Paul is like a proud father who is bragging on his children. Paul was proud that God had called them to His kingdom, but he was even more proud that they realized that his message was not his own, but was the message God had sent him with.
The Word of God is the One we call Jesus. It is also the Bible. For thousands of years, men have tried to prove that the Bible was just like any other book. They cannot do it. The Bible stands alone in the fact that it is alive. It is just as current today as it was two thousand years ago. It is our instruction for living victorious lives.
It was the instruction for our great grandparents living victorious lives as well. It is ageless. The Bible is inspired (God breathed). When I look into the Bible, I see the face of Jesus. All other books, besides the Bible, are of men. The Bible is of God.
1 Thessalonians 2:14 “For ye, brethren, became followers of the churches of God which in Judea are in Christ Jesus: for ye also have suffered like things of your own countrymen, even as they [have] of the Jews:”
“Followers”: (imitators): As the Thessalonians imitated the apostles in their commitment to the Lord (1:6), they also imitated the Judean churches, since they also suffered at the hands of their own people.
Not only were the Thessalonians imitators of Paul and the Lord, but also of the churches in Judea, in the sense that they both were persecuted for Christ’s sake (Acts 4:1-4; 5:26; 8:1). They drank Christ’s cup of suffering (Mark 26:39), and walked in the way of the Old Testament prophets (Matt. 21:33-46; Luke 13:34).
To proclaim you were a Christian brought great persecution. In Judea, the persecution of the Christians came from the Jews. Here in Thessalonica it came from all those who did not believe. The church at Thessalonica was a Gentile church.
We had mentioned earlier that their persecution had not come from Judaizers in the church, but from the unbelievers from without.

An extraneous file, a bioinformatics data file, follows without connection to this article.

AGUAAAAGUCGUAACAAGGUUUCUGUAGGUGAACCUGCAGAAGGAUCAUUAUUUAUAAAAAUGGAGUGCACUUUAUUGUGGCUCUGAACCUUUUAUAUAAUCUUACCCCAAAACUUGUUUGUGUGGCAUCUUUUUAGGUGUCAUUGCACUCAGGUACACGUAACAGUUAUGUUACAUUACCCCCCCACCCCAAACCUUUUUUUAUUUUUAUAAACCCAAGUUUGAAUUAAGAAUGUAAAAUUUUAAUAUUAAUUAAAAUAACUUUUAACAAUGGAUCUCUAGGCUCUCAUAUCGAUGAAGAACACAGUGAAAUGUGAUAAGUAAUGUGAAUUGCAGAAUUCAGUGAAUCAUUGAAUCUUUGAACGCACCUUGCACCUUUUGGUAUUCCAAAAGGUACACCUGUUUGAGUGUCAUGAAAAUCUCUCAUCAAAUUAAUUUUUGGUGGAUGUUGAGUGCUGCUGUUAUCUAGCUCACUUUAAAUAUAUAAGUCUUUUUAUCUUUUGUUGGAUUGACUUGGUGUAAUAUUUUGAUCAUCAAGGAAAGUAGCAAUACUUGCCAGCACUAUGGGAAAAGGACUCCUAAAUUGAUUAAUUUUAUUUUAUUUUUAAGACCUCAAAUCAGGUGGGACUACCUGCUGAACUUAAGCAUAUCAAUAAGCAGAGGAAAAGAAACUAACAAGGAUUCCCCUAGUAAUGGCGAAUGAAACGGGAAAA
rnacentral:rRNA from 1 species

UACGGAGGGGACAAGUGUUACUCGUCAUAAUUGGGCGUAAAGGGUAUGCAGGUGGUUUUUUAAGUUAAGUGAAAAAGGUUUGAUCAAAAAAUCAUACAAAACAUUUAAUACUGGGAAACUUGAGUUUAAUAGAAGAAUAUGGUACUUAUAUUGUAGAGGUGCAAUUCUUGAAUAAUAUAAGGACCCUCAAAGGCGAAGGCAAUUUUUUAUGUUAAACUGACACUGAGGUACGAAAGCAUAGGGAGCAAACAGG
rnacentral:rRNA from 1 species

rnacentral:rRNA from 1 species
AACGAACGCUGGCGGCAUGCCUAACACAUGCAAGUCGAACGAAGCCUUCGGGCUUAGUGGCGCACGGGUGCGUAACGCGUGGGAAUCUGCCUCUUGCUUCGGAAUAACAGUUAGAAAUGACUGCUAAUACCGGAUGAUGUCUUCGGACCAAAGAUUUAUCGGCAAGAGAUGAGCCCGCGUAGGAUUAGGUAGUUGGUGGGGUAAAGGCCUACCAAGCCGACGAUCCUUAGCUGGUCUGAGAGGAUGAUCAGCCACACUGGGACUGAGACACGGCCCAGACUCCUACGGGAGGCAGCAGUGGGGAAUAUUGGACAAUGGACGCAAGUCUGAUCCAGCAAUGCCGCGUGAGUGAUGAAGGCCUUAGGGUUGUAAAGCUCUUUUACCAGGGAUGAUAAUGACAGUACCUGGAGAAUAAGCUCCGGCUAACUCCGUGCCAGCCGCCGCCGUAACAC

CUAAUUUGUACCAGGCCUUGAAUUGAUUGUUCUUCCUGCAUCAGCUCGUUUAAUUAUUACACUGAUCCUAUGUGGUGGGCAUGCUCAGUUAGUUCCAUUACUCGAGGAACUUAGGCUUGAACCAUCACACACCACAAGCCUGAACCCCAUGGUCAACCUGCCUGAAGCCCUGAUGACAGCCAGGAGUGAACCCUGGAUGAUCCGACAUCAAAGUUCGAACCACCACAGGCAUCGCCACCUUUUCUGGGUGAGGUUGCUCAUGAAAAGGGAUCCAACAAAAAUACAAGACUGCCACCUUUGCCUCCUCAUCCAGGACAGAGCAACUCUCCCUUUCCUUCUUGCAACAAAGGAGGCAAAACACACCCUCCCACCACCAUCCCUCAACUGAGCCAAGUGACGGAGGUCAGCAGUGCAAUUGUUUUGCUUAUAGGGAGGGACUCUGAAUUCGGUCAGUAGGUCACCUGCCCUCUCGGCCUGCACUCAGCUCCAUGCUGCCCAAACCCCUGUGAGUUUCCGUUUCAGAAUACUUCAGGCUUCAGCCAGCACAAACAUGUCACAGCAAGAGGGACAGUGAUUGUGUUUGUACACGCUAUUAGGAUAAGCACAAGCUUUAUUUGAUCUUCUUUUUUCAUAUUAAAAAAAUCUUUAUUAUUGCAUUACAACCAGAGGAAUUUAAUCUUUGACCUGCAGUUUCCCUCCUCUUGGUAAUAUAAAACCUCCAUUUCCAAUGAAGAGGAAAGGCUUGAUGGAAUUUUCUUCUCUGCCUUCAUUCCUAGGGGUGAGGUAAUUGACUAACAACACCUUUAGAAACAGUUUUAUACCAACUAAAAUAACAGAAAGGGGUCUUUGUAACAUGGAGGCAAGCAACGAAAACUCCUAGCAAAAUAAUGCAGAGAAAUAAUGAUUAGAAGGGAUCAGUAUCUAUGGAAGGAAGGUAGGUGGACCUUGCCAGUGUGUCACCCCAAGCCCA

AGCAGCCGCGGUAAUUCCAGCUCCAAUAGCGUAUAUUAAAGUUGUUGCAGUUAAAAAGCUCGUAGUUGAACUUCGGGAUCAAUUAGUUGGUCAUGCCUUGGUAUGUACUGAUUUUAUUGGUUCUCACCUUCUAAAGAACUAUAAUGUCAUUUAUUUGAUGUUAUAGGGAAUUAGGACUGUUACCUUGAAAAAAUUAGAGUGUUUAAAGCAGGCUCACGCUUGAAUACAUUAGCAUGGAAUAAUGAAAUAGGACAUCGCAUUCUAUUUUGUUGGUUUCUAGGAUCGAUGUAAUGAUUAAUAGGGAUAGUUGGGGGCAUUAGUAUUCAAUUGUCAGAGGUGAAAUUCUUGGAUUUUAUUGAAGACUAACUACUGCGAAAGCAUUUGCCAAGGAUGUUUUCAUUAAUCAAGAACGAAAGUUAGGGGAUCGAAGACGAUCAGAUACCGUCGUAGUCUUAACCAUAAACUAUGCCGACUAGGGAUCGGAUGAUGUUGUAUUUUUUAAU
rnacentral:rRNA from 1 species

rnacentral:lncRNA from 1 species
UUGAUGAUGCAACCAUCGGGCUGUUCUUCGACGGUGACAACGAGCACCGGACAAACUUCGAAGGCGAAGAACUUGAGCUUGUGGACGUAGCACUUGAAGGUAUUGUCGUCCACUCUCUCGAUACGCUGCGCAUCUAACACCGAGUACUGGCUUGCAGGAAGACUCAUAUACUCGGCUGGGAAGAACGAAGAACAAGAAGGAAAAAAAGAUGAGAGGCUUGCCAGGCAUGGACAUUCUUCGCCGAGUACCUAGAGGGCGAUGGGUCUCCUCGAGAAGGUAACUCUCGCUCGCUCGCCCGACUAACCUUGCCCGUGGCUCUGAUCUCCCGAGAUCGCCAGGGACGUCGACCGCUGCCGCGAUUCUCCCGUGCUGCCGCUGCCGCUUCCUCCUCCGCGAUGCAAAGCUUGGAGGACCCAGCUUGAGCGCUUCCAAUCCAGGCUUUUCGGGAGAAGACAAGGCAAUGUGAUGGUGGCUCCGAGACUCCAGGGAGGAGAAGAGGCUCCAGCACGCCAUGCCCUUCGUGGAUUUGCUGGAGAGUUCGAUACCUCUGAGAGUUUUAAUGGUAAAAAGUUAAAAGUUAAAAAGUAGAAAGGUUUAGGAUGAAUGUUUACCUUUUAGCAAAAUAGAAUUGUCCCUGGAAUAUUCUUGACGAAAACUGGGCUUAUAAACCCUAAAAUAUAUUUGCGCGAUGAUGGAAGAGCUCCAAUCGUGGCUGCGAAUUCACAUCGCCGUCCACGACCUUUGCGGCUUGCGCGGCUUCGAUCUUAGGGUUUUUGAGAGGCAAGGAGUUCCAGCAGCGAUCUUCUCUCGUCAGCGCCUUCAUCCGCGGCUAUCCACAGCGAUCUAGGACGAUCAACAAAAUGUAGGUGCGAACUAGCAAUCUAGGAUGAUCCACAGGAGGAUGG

Verses 15-16: “Contrary to all men”: Just as it is God’s will that all men be saved (1 Timothy 2:4; 2 Peter 3:9), so it was the will of the Jews that no one find salvation in Christ (verse 16). Paul at one time had embraced this blasphemy of trying to prevent gospel preaching (1 Tim. 1:12-17).
1 Thessalonians 2:15 “Who both killed the Lord Jesus, and their own prophets, and have persecuted us; and they please not God, and are contrary to all men:”
“Killed the Lord Jesus”: There is no question that the Jews were responsible for the death of their Messiah, though the Romans carried out the execution. It was the Jews who brought the case against Him and demanded His death (Luke 23:1-24, 34-38), just as they had killed the prophets (Matt. 22:37; Mark 5:1-8; Acts 7:51-52). If the Lord was not exempt from persecution, His followers could hardly expect to escape it.
“They please not God”: Throughout this passage Paul shows that while his Jewish enemies think they are serving God, they really are not.
Paul is placing the blame for the crucifixion of Jesus on the Jews here. Look, in Jesus’ own words, He says the Jews killed the prophets.
Matthew 23:31 “Wherefore ye be witnesses unto yourselves, that ye are the children of them which killed the prophets.”
It was the Jews who cried out for Jesus to be crucified. It was the Romans who carried it out. Really, though, you and I nailed Him to the cross. Paul speaks as one who knows. He had been a Jew. The Jew thought himself to be better than all other people. It outraged them that salvation was offered to the Gentile.
1 Thessalonians 2:16 “Forbidding us to speak to the Gentiles that they might be saved, to fill up their sins always: for the wrath is come upon them to the uttermost.”